Some institutional LPs have started pulling back from VC, but most won’t

This year will likely be a sore spot for venture returns. While we haven’t seen drastic down rounds or sensationalized startup shutdowns yet, if the market continues on its downward trend, it feels all but inevitable.

While some firms can shrug off a bad vintage or two — thank you, management fees — poor performance hits their investors (limited partners, or LPs) the hardest. But despite the fairly certain future performance hit, institutional LPs like to play the long investing game. Because of that, they aren’t generally a very reactive bunch.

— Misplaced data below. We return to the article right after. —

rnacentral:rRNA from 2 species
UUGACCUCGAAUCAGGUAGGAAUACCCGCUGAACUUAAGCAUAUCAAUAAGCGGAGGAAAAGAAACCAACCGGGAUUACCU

So I was surprised to see that the Fairfax County Employees’ Retirement System told Insider in May it was putting a pause on new venture relationships — while interestingly still investing in crypto — while the New York State Teachers’ Retirement System voted in August to cut their venture allocation by five percentage points for next year.

The pair of news items made me curious if this particular downturn was actually enough to sway LPs from their historic investing norms, but according to LP consultants, these two venture backers are most likely outliers. The consultants said even if things get much worse before they get better, LPs have more reasons than not to stay the course.